So much for blaming the weather for shoppers’ foul mood earlier this year.
The snow has long since melted, and the polar vortex is a distant memory, but low-income shoppers are still being careful with their money, dampening the sales results of dollar stores and discount chains well into the spring.
Dollar General (DG) CEO Rick Dreiling told investors on Tuesday that while he had expected the pressure he had seen over the winter to promote aggressively would ease, that has not happened. (Still, he did say business did improve in April compared to winter.)
So the retailer, which reported a disappointing 1.5% increase in sales at stores open at least a year for the quarter that ended May 2, is expanding its private, in-house brands, which are typically cheaper than national brands though offer a higher profit margin. Dollar General in particular will be emphasizing the lowest-priced items in brands such as its large in-house “Smart & Simple” brand, in which products range from tea bags to decorator napkins. The idea is to have something for shoppers who need to cut back on spending on nationally known brands.
“That provides a wonderful trade-down opportunity for our customers,” Dreiling said.
About 37% of Dollar General’s customers make less than $25,000, the Wall Street Journal reported this week, citing data from Prosper Insights & Analytics.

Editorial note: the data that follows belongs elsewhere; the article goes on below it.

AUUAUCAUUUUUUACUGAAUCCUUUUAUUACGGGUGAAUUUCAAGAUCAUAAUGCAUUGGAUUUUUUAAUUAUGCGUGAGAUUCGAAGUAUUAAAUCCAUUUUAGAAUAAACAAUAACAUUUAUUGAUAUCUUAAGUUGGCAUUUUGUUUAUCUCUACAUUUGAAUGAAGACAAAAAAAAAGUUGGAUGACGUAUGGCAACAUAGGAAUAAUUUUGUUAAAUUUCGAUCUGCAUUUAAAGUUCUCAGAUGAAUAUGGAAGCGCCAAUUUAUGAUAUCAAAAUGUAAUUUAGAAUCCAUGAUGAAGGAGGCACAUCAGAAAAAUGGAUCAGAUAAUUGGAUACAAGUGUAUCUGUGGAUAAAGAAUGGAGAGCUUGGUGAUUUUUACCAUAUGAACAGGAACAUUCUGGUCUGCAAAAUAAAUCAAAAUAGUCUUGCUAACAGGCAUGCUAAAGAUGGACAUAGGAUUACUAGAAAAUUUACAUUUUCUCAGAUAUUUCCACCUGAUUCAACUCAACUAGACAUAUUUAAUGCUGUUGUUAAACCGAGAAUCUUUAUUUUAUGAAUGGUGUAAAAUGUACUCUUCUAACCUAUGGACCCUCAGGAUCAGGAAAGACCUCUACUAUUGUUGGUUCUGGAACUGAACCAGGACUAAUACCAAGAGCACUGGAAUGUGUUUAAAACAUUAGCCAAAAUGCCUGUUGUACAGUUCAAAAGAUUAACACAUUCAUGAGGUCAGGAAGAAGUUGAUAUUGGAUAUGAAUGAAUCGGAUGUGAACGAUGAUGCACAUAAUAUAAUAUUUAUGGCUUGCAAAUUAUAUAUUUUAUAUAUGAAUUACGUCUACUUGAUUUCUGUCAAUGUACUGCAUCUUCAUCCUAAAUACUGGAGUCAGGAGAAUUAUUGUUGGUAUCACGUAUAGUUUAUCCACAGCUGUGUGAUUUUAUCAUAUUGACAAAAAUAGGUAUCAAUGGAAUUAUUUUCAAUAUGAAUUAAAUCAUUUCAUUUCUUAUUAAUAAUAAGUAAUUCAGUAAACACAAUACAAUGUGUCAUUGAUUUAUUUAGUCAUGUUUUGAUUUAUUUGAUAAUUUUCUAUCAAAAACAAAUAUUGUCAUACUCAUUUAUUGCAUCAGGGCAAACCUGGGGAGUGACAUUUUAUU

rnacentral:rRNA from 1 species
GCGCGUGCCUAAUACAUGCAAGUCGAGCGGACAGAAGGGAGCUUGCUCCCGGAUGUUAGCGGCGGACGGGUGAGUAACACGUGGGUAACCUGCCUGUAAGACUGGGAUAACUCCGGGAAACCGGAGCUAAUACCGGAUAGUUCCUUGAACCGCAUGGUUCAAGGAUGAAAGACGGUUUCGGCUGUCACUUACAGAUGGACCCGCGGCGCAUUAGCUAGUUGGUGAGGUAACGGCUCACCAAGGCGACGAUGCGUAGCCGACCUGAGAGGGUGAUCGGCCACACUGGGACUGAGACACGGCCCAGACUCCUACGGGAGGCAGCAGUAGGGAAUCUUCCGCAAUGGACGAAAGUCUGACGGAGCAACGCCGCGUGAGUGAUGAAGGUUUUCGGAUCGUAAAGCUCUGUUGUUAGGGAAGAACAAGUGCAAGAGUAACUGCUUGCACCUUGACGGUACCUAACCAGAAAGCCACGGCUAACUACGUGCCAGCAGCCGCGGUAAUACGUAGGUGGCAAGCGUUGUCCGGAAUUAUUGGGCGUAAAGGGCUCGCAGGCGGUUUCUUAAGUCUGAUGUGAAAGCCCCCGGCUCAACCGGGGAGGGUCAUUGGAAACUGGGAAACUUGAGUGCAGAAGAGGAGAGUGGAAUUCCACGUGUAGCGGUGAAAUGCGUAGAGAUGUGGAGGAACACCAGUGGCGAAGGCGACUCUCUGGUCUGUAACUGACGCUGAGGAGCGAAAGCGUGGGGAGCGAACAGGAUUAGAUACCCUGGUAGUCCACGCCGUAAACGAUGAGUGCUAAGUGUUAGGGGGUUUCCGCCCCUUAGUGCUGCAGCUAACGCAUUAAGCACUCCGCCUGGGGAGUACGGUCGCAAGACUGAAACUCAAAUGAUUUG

That means customers are very price sensitive, and Dollar General is also “sharpening our price points.”
“It’s really just responding to the fact that the low income consumer is trying to stretch a dollar as far as it can possibly go,” BB&T Capital Markets analyst Anthony Chukumba told Fortune.
Earlier this year, Family Dollar Stores (FDO) said it was cutting prices on hundreds of different kinds of items and offering many more items for $1, while Wal-Mart Stores (WMT) is making what it calls “price investments,” or price cuts in Walmart-speak. Family Dollar and Walmart US each saw comparable sales decline in their most recent quarters.
One big bright spot for Dollar General has been tobacco, which the store started selling in 2013, and its broader assortment of perishable food. But those remain relatively small parts of its business and less profitable.